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Barack Obama encourages Americans ‘to do both’ protests and politics, vote in 'state and local levels'
Former United States President Barack Obama encourages people protesting against police brutality and institutionalized racism to also go out and vote. Obama further advised Americans to participate, especially in state and local polls.
Barack Obama: ‘The choice isn’t between protest and politics’
Obama emphasized the historical significance of protests. However, he also highlighted that disgruntled Americans can do more than going out on the streets, and that is to actively participate in elections – not just on the presidential level.
In a blog post, Obama recognized that the ongoing protests are manifestations of “genuine and legitimate frustration” of not seeing a substantial change in police and criminal justice institutions for several decades. He also called out people instigating violence for whatever reason, adding that it only puts others in danger.
Meanwhile, the main focus of Obama’s post emphasizes the need to vote. “The elected officials who matter most in reforming police departments and the criminal justice system work at the state and local levels,” the first black American president wrote.
He reminded people that mayors and county executives are the ones choosing police chiefs. Additionally, district attorneys and state attorneys have a say on whether or not an investigation should be opened on cases that involve police forces. “So the bottom line is this: if we want to bring about real change, then the choice isn’t between protest and politics. We have to do both,” Obama said.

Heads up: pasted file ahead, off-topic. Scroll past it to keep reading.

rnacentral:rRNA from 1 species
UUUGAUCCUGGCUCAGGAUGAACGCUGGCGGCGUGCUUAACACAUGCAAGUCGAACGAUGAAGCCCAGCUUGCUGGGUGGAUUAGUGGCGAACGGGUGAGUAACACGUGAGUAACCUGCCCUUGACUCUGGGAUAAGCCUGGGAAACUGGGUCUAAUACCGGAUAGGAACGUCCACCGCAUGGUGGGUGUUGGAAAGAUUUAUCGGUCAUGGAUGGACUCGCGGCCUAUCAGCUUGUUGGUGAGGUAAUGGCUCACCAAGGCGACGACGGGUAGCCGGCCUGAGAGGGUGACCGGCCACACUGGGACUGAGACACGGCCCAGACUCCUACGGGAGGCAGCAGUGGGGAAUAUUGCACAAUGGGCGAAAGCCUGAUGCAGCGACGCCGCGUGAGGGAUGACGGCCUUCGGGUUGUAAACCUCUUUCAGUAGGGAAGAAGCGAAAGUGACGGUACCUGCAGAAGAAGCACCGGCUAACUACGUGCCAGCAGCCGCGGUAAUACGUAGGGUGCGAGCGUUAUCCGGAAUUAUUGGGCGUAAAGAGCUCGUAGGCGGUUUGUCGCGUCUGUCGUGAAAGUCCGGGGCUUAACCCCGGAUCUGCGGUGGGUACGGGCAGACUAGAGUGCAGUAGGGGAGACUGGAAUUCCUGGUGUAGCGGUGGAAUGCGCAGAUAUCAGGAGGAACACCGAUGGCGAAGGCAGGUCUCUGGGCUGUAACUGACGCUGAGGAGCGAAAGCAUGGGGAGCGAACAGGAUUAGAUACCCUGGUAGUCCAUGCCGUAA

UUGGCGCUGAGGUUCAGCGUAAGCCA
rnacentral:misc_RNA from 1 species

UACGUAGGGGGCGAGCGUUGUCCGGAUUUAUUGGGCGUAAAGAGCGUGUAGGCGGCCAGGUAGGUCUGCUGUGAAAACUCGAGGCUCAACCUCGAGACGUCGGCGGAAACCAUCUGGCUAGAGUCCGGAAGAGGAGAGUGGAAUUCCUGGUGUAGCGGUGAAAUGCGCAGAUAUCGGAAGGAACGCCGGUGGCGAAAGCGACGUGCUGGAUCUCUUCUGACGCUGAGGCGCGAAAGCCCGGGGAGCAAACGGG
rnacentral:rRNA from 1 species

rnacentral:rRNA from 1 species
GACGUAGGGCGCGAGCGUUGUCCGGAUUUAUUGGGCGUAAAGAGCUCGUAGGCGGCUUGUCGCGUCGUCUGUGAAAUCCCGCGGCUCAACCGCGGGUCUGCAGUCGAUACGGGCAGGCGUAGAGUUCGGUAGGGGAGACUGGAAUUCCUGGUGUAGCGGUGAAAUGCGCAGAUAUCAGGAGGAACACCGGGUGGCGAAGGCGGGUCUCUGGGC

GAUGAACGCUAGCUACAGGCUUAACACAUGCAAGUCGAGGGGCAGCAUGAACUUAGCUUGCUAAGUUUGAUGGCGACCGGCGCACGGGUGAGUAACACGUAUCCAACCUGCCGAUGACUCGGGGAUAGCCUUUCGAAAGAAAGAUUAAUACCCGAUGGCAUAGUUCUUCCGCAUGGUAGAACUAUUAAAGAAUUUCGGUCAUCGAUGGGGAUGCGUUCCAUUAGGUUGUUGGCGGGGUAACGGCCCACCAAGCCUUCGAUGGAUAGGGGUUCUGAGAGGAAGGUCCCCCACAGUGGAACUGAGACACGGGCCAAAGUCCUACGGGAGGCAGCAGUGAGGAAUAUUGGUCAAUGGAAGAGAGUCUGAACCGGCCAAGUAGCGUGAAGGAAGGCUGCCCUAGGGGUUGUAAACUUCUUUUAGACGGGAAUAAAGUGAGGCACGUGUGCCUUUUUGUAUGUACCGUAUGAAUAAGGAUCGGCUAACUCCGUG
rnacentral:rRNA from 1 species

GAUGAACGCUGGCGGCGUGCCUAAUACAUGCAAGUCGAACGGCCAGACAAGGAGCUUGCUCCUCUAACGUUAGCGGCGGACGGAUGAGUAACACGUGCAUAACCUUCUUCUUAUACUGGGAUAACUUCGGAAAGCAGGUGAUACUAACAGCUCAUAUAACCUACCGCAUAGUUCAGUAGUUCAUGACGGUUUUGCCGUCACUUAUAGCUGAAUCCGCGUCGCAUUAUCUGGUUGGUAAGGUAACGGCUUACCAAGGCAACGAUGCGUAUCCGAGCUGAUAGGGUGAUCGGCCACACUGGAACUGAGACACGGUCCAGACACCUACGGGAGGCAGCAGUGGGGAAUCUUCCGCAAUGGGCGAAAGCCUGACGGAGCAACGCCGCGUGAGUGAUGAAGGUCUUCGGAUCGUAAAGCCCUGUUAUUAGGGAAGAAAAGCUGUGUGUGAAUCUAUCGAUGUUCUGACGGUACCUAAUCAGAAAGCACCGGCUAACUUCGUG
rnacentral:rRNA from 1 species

Why people are protesting across the United States
News in the U.S. has been filled with images of mass protests over the past week. They follow a series of fatal incidents, involving white suspects and police forces, that victimized three African-Americans – Ahmaud Arbery, Breonna Taylor, and George Floyd.
The case of the latter has been attributed as what sparked the national outrage. Floyd died on May 25 while being arrested by four Minneapolis police officers. While they have all been fired, Derek Chauvin is the only one arrested after being seen kneeling on Floyd’s neck while he repeatedly complained of difficulty breathing and even calling for his mother at one point. Reports have it that Chauvin maintained that position for at least seven minutes. Chauvin was placed in custody four days later and was charged with third-degree murder.
Protesters in different cities have been met with rubber bullets and tear gas, sometimes affecting even credentialed reporters and their crew, while curfews have also been enforced. Donald Trump has called for military action against the demonstrators, and Aljazeera reports as of Tuesday that the National Guard has been deployed on 23 states while rallies have been spotted in more than 350 cities in all 50 states.